For the last six months, Mamata Devi (name changed), a 50-year-old ASHA worker has been going door-to-door in Bishnoi block, Jammu, checking families for COVID-19 symptoms. With a dupatta (long scarf) covering her head and a mask she made on her own, she updates a register with her glove-clad hands while advising families on how to keep safe. In case she encounters anyone with symptoms, she takes them to the nearest health facility.
Mamata, an Accredited Social Health Activist (ASHA), says that her job responsibilities have changed since the pandemic struck. She has to cover 20 families on a daily basis during her surveys. In addition, she also provides other essential services to rural households, ranging from safe deliveries, child vaccinations to making essential provisions like ORS, condoms and medicines available to them.
However, after meeting her targets, Mamata grapples with trying to make both ends meet. She says that she has not been paid since June.
According to her, she was supposed to receive a paltry amount of Rs 2,000 per month with an additional Rs 1,000 as an incentive for the COVID-19 surveys. “Arranging food for the family has become a task. It was already difficult to survive on 2,000 rupees and we are not even getting that now,” she said.
Since the outbreak of COVID-19 in India, ASHA workers have had to take on more responsibility. According to Ministry of Health and Family Welfare’s Model Micro Plan for Containing Local Transmission of Coronavirus Disease (COVID-19), ASHA workers have been assigned to monitor the situation locally in order to control the spread of the infection.
With little to no remittance, which is not enough even to feed their families, these women are employed to conduct daily visits to houses, report symptomatic cases, identify contacts of confirmed and suspected cases, monitor contacts daily, create awareness among the community and counsel families regarding disease prevention and the like.
Mamata says that she has no money for her treatment in case she ends up being infected herself.
Usha Devi (name changed), another ASHA worker, took on the job after her husband died from a cardiac arrest in 2011. She says that she took up the job after her husband passed, but that she was equally driven by the passion to contribute to providing health-related facilities to villagers. Hence, she chose to be an ASHA worker and has been serving in Akhnoor Block, Jammu since then. However, Usha’s passion has dimmed over the years. Unable to fend for her family, Usha did odd jobs like cleaning and washing clothes, which, she says, have also disappeared since the pandemic struck.
“I was pushing my son into mazdoori but given the pandemic even that option is gone. I am surviving on debt,” she said. Usha does not like to call herself a health activist but a worker. “We put more work in than most workers yet we are called activists. We are workers and we want the same rights as them,” she said.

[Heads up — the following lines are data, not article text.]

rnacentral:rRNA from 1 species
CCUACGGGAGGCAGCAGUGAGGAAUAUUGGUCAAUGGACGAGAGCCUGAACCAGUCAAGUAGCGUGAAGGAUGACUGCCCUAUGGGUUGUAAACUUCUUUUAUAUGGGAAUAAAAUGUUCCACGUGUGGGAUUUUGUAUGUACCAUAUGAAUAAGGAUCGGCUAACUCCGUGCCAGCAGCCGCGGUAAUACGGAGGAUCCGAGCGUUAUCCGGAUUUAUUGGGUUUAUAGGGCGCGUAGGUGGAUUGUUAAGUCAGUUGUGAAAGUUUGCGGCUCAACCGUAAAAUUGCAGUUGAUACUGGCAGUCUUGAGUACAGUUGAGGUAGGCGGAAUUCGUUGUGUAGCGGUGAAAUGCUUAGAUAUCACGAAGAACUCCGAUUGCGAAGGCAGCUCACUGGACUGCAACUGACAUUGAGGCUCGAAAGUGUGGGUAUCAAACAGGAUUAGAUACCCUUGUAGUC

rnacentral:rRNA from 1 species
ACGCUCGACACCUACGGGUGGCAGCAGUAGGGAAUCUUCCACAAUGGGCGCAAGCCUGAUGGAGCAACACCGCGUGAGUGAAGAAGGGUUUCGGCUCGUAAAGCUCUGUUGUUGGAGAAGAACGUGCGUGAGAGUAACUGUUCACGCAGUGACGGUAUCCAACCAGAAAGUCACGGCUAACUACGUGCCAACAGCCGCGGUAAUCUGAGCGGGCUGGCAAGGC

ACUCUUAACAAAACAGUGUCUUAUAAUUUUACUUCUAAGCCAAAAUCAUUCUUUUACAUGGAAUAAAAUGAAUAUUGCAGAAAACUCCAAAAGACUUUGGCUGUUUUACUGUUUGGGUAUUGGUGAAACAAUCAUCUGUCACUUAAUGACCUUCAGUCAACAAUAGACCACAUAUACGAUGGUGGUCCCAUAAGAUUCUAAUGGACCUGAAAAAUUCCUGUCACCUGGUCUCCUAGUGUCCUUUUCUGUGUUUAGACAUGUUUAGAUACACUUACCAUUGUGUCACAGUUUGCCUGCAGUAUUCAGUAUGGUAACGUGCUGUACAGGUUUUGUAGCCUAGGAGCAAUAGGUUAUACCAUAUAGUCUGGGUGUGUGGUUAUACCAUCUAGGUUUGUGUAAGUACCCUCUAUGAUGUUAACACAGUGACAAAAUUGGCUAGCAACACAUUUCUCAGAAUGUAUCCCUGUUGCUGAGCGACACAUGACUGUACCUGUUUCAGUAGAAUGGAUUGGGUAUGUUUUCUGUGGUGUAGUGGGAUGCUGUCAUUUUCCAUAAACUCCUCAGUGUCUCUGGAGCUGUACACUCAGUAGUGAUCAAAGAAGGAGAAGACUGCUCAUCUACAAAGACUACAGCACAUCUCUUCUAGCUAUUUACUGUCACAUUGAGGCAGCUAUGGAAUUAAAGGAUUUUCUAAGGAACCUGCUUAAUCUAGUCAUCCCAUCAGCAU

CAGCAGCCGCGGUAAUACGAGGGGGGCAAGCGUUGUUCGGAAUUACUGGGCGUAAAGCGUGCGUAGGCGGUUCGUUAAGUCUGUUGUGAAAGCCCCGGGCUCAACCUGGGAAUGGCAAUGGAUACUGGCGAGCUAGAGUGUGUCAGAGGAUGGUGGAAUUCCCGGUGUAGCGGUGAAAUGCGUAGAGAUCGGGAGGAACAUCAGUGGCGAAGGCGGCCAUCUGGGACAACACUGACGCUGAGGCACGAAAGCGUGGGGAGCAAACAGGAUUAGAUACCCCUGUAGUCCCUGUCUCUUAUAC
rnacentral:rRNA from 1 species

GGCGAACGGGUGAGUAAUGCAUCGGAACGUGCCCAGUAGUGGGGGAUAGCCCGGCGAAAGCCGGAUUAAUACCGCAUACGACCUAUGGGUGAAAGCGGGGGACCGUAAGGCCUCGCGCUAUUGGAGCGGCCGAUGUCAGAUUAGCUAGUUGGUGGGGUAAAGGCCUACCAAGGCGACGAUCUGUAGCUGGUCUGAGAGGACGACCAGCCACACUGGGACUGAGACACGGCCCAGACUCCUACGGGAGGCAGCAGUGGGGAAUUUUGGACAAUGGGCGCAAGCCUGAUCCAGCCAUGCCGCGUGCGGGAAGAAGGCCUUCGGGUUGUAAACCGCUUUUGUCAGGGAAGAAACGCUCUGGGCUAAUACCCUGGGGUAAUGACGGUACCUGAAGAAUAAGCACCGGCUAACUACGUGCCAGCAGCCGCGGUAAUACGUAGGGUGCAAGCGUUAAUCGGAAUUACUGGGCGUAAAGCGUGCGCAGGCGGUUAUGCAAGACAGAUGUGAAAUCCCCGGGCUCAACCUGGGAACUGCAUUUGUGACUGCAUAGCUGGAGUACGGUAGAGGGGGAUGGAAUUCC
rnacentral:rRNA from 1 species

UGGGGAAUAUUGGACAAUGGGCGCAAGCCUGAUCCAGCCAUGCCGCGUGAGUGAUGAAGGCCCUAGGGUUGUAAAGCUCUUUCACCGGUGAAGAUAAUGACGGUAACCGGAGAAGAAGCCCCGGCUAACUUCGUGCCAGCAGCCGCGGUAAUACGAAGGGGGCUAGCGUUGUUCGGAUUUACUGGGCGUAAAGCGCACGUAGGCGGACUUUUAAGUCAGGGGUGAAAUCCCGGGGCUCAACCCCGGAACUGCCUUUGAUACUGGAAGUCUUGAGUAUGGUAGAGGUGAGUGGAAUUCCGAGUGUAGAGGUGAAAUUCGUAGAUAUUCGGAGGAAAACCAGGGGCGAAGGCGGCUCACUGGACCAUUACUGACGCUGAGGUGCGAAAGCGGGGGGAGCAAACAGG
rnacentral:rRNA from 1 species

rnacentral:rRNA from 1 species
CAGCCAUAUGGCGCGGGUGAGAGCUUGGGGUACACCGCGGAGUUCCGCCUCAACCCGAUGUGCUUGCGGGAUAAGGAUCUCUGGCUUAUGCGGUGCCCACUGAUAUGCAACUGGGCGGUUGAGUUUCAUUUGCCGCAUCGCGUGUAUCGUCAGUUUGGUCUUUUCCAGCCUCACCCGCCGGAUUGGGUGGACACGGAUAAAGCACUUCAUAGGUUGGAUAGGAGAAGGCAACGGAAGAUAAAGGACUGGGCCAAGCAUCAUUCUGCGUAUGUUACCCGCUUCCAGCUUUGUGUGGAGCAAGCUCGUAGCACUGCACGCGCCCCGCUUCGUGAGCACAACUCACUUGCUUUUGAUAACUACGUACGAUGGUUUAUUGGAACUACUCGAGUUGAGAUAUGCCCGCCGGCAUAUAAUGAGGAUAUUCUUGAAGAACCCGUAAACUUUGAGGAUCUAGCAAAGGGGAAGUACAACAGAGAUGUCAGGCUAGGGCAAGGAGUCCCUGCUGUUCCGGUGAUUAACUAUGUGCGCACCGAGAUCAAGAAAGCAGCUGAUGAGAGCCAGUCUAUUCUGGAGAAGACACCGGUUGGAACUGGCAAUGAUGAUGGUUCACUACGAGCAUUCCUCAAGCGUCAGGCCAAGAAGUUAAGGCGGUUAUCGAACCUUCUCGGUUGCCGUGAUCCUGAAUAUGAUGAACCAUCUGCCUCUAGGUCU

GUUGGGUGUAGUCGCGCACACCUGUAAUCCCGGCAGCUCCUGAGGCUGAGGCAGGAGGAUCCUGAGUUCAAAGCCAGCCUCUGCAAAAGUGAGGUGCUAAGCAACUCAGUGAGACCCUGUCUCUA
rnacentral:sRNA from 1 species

ASHA workers and community health workers have been at the forefront of the COVID-19 battle, ensuring the safety of others at a great risk to their lives. The workers lamented that they had no access to masks, gloves, PPE kits and sanitisers. Anu Devi (name changed) says that they were initially given four masks and two small bottles of hand-sanitisers but that they they ran out of sanitisers and the masks were torn in a matter of weeks.
“Now we use our pallus and masks made at home from old clothes. We work in a situation where there is a high chance of contracting the infection yet safety gear has not been made accessible to us. This is brutal,” she says.
ASHA workers across Jammu and Kashmir have played a huge role in strengthening primary health care by making it to accessible for disadvantaged and disempowered families, and implementing government schemes on the ground. However, they feel that their work and efforts have been long overlooked.
With delayed salaries and a lack of protective gear, the ASHA workers have been demanding their dues in the form of a minimum wage of Rs 21,000, PPE kits, regularisation of their services, free COVID-19 tests, Rs five lakh compensation to those infected on duty and medical insurance for their family members.
In Kashmir, ASHA workers have expressed similar concerns. Dilshana (name changed), who works in Anantnag district of South Kashmir, says that around 12 of her colleagues have contracted the infection.
“We are risking our lives for the greater cause without masks and money, but the government has turned a blind eye towards us. They should provide us with safety gear,” she said.
Sham Prasad, secretary of the CPI (M), told NewsClick: “I have worked closely with the workers. Their demands are genuine. They are the backbone of the rural health system and are playing an extraordinary role in controlling the COVID-19 situation on the ground level. The apathetic attitude of the government is appalling.”